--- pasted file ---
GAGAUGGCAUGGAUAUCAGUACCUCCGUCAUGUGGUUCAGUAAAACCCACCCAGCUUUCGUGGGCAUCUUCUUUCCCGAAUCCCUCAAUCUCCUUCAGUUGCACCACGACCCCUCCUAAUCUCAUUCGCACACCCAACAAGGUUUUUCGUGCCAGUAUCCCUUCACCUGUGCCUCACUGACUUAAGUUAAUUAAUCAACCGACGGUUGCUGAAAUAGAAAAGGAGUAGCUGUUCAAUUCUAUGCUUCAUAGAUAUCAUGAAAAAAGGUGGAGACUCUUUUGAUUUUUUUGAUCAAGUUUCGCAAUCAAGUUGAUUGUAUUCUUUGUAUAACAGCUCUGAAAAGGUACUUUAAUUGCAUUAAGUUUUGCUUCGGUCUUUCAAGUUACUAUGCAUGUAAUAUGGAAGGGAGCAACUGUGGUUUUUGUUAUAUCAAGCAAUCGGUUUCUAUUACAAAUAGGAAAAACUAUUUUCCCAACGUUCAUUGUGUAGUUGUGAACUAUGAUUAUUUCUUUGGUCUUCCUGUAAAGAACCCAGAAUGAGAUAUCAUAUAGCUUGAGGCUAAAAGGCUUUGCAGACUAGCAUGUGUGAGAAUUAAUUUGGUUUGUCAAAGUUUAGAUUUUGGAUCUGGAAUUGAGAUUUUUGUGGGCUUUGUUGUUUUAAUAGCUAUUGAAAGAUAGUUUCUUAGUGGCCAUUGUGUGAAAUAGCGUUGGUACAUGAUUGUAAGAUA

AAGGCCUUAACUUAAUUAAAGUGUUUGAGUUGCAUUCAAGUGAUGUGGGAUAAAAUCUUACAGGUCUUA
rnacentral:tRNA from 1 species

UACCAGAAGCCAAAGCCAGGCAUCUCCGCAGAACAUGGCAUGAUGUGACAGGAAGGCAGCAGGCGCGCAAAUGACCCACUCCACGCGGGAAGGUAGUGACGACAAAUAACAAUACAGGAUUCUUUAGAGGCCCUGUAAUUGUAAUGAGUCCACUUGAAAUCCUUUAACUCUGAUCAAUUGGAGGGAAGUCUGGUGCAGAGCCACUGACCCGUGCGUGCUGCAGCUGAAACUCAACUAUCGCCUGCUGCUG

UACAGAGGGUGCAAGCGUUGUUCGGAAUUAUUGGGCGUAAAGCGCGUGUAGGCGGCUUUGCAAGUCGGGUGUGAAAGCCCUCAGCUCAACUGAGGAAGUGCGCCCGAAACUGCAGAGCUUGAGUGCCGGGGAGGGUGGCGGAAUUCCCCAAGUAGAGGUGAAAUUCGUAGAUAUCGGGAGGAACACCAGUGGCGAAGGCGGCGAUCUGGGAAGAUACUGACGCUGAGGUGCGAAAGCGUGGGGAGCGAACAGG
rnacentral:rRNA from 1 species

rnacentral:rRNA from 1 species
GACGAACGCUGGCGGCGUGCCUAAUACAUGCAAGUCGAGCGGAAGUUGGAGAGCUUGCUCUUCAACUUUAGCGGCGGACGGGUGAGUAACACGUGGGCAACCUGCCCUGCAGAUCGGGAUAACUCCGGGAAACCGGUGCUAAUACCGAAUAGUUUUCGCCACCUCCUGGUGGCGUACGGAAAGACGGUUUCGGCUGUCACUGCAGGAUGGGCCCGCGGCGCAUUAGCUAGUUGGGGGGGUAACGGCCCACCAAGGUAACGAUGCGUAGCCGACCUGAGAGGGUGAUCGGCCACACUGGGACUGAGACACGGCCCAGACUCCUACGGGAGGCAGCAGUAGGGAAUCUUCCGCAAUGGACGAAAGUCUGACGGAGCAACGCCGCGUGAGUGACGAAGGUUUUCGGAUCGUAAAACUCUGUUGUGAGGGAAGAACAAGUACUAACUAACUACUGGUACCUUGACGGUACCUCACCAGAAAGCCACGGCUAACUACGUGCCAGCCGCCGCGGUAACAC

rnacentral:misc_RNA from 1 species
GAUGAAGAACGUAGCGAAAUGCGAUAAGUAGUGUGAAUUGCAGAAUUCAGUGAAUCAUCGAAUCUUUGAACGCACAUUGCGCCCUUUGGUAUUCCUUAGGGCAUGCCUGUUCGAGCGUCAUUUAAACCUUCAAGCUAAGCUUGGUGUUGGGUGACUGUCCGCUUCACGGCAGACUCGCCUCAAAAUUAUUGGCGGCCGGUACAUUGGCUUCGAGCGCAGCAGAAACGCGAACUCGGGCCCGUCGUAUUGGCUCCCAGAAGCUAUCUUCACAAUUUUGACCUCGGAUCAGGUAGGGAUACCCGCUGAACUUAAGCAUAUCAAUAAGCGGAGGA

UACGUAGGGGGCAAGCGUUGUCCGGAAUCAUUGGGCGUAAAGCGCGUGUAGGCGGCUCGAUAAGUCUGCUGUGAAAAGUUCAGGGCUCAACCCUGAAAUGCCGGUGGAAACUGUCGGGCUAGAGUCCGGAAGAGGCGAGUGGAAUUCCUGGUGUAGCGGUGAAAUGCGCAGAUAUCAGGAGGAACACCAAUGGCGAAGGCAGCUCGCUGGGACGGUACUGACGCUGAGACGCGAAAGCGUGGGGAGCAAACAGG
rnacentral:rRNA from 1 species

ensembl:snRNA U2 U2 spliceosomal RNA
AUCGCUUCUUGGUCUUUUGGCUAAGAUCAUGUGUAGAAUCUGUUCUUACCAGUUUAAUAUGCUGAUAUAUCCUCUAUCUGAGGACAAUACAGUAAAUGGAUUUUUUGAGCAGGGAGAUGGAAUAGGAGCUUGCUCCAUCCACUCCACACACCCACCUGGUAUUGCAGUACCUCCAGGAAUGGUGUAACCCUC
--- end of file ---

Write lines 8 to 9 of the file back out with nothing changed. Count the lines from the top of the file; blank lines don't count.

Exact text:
GACGAACGCUGGCGGCGUGCCUAAUACAUGCAAGUCGAGCGGAAGUUGGAGAGCUUGCUCUUCAACUUUAGCGGCGGACGGGUGAGUAACACGUGGGCAACCUGCCCUGCAGAUCGGGAUAACUCCGGGAAACCGGUGCUAAUACCGAAUAGUUUUCGCCACCUCCUGGUGGCGUACGGAAAGACGGUUUCGGCUGUCACUGCAGGAUGGGCCCGCGGCGCAUUAGCUAGUUGGGGGGGUAACGGCCCACCAAGGUAACGAUGCGUAGCCGACCUGAGAGGGUGAUCGGCCACACUGGGACUGAGACACGGCCCAGACUCCUACGGGAGGCAGCAGUAGGGAAUCUUCCGCAAUGGACGAAAGUCUGACGGAGCAACGCCGCGUGAGUGACGAAGGUUUUCGGAUCGUAAAACUCUGUUGUGAGGGAAGAACAAGUACUAACUAACUACUGGUACCUUGACGGUACCUCACCAGAAAGCCACGGCUAACUACGUGCCAGCCGCCGCGGUAACAC

rnacentral:misc_RNA from 1 species